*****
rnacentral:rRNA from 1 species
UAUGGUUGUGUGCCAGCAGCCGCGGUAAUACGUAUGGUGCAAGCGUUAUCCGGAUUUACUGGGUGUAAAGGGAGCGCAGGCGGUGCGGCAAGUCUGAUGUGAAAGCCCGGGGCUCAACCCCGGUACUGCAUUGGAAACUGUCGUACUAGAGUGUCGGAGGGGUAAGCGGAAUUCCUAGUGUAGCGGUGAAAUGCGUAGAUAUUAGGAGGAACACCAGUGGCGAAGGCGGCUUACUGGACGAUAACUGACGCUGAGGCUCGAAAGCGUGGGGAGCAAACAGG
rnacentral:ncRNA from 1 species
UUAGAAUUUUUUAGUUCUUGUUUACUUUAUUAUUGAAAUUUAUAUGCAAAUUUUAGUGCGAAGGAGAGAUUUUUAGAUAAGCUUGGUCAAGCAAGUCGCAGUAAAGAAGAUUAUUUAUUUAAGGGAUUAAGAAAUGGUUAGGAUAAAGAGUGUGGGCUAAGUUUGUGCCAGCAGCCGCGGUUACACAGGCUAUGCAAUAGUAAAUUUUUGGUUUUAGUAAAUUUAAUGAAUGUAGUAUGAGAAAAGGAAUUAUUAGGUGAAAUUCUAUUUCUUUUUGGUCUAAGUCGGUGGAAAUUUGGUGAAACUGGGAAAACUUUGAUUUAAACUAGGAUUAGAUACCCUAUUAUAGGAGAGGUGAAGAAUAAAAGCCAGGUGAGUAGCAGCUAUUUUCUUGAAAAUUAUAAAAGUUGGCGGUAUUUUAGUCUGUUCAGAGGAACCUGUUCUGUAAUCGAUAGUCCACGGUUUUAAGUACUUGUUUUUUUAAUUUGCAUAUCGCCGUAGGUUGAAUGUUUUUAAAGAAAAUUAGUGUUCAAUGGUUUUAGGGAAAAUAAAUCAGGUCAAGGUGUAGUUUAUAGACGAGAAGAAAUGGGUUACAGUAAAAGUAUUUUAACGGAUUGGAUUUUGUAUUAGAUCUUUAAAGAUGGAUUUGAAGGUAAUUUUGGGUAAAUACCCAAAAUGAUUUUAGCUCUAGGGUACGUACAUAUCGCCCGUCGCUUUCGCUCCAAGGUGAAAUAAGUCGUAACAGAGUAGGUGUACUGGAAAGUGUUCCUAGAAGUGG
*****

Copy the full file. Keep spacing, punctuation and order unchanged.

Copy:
rnacentral:rRNA from 1 species
UAUGGUUGUGUGCCAGCAGCCGCGGUAAUACGUAUGGUGCAAGCGUUAUCCGGAUUUACUGGGUGUAAAGGGAGCGCAGGCGGUGCGGCAAGUCUGAUGUGAAAGCCCGGGGCUCAACCCCGGUACUGCAUUGGAAACUGUCGUACUAGAGUGUCGGAGGGGUAAGCGGAAUUCCUAGUGUAGCGGUGAAAUGCGUAGAUAUUAGGAGGAACACCAGUGGCGAAGGCGGCUUACUGGACGAUAACUGACGCUGAGGCUCGAAAGCGUGGGGAGCAAACAGG
rnacentral:ncRNA from 1 species
UUAGAAUUUUUUAGUUCUUGUUUACUUUAUUAUUGAAAUUUAUAUGCAAAUUUUAGUGCGAAGGAGAGAUUUUUAGAUAAGCUUGGUCAAGCAAGUCGCAGUAAAGAAGAUUAUUUAUUUAAGGGAUUAAGAAAUGGUUAGGAUAAAGAGUGUGGGCUAAGUUUGUGCCAGCAGCCGCGGUUACACAGGCUAUGCAAUAGUAAAUUUUUGGUUUUAGUAAAUUUAAUGAAUGUAGUAUGAGAAAAGGAAUUAUUAGGUGAAAUUCUAUUUCUUUUUGGUCUAAGUCGGUGGAAAUUUGGUGAAACUGGGAAAACUUUGAUUUAAACUAGGAUUAGAUACCCUAUUAUAGGAGAGGUGAAGAAUAAAAGCCAGGUGAGUAGCAGCUAUUUUCUUGAAAAUUAUAAAAGUUGGCGGUAUUUUAGUCUGUUCAGAGGAACCUGUUCUGUAAUCGAUAGUCCACGGUUUUAAGUACUUGUUUUUUUAAUUUGCAUAUCGCCGUAGGUUGAAUGUUUUUAAAGAAAAUUAGUGUUCAAUGGUUUUAGGGAAAAUAAAUCAGGUCAAGGUGUAGUUUAUAGACGAGAAGAAAUGGGUUACAGUAAAAGUAUUUUAACGGAUUGGAUUUUGUAUUAGAUCUUUAAAGAUGGAUUUGAAGGUAAUUUUGGGUAAAUACCCAAAAUGAUUUUAGCUCUAGGGUACGUACAUAUCGCCCGUCGCUUUCGCUCCAAGGUGAAAUAAGUCGUAACAGAGUAGGUGUACUGGAAAGUGUUCCUAGAAGUGG